Slicing through Netanyahu's rhetoric equating Iran to Hitler, the IDF has revealed the real reason Israeli expansionists like Netanyahu fear Iran. According to Major-General Amir Eshel, head of strategic planning for the armed forces,:
A nuclear-armed Iran could deter Israel from going to war against Tehran's guerrilla allies in Lebanon and the Gaza Strip, a senior Israeli general said on Tuesday. [Haaretz 1/17/12.]
It is not Iranian aggression that Netanyahu fears but the ability of Iran, one day, to prevent Israeli aggression. And that is exactly why Americans, not to mention the people of the Mideast, might be better off actually letting Iran develop nuclear arms. There are in fact many good reasons for opposing the spread of nuclear weapons to Iran or any other country, but if even the IDF can publicly acknowledge that a Mideast nuclear balance between Israel and Iran might lead to an armed peace, then this should give Washington strategic thinkers cause to ponder.
If Tel Aviv were no longer able to rely on military force to achieve its goals, then it might consider alternative approaches, like diplomacy, good-neighborliness, compromise, or even nuclear transparency. One might even imagine the day when a relatively secure Israel and a relatively secure Iran would agree to work together, for the benefit of each, toward a non-nuclear Mideast.
According to the Haaretz report:
Eshel made clear that Israel - widely reputed to have the region's only atomic arsenal - worries that Syria and Lebanon's Hezbollah militia as well as Palestinian Hamas Islamists who rule Gaza could one day find reassurance in an Iranian bomb.
Not spelled out by Eshel was the logical inference that such a situation would compel Israel to consider positive-sum approaches to its strategic situation, such as following Ankara's advocacy of compromise, accepting the right of Palestinians to independence, and terminating its policy of violating Lebanon's borders.
A political system containing a small state that is a military bully and a much larger, rising state that is militarily weak, frustrated, frightened, and determined to achieve its natural role as a major actor and to achieve a reasonable measure of national security constitutes a dangerously unstable system. Each side has motivation for a first strike, and the weak state has motivation for the combination of risk-taking and a massive arms build-up. Even a nuclear standoff might be less dangerous than such an unstable combination of a small, militarily dominant state threatening a much larger and rising state.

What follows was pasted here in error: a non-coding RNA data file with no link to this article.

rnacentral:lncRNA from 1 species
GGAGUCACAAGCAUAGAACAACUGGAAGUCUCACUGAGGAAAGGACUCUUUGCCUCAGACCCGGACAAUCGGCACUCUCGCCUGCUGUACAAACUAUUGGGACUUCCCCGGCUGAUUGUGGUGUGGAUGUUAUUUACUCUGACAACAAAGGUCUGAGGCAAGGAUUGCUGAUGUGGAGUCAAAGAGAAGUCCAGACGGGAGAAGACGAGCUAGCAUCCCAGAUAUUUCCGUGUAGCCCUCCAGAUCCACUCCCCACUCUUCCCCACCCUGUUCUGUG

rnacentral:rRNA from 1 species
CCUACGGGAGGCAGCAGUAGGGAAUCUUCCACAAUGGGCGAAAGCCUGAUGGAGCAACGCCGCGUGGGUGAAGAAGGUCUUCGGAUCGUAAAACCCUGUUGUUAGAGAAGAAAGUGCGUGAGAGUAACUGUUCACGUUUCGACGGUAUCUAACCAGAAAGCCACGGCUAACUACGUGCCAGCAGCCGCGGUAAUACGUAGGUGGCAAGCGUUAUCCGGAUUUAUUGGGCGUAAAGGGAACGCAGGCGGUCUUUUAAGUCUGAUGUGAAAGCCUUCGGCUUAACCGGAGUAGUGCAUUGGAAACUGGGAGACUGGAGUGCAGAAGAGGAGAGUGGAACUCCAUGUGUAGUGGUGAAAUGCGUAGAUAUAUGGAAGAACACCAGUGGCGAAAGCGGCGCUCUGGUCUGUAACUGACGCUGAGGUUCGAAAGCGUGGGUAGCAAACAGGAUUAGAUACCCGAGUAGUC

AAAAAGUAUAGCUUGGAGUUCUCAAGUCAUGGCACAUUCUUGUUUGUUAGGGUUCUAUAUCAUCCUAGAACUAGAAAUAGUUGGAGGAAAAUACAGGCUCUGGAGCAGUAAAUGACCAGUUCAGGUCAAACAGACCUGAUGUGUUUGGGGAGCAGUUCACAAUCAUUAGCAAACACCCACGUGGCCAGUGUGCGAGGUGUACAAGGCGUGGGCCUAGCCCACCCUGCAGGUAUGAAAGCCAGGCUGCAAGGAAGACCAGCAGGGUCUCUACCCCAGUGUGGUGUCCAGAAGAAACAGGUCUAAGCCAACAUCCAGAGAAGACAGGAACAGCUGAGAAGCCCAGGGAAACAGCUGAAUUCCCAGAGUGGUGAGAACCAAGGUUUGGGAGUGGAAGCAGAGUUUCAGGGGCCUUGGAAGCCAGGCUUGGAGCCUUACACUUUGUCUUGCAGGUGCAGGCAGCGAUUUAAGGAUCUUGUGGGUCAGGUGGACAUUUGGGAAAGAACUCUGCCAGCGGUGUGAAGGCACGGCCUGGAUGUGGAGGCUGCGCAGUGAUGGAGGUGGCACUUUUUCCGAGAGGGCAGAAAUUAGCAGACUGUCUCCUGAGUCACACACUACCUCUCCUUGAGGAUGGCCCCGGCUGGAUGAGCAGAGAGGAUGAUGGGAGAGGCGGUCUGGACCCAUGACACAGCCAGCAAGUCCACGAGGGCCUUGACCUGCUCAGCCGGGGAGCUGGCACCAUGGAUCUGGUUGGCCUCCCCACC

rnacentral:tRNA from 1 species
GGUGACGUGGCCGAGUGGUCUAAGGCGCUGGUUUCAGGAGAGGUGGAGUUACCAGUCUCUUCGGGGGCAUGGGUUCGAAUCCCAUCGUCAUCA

Deterring Israel would compel Israel to develop a new strategic policy based not on violence but compromise. Such a policy would surely encompass movement toward justice for Palestinians. This would pull the rug out from under any Iranians tempted to use Israeli subjugation of Palestinians as the excuse for radical Iranian policies in the Levant, push Lebanese Hezbollah further in the direction of becoming just a domestic Lebanese political party and away from war with Israel, and would open the door for Hamas as well to replace resistance to Israeli oppression with domestic governance as its raison d'etre. Such an Israeli strategic shift would also open the door for Arab regimes interested in the economic benefits of cooperation with Israel to follow that moderate road without having to face the rage of their citizens. Taken together, these shifts would transform the Mideast and represent a stunning strategic victory for the Israeli people.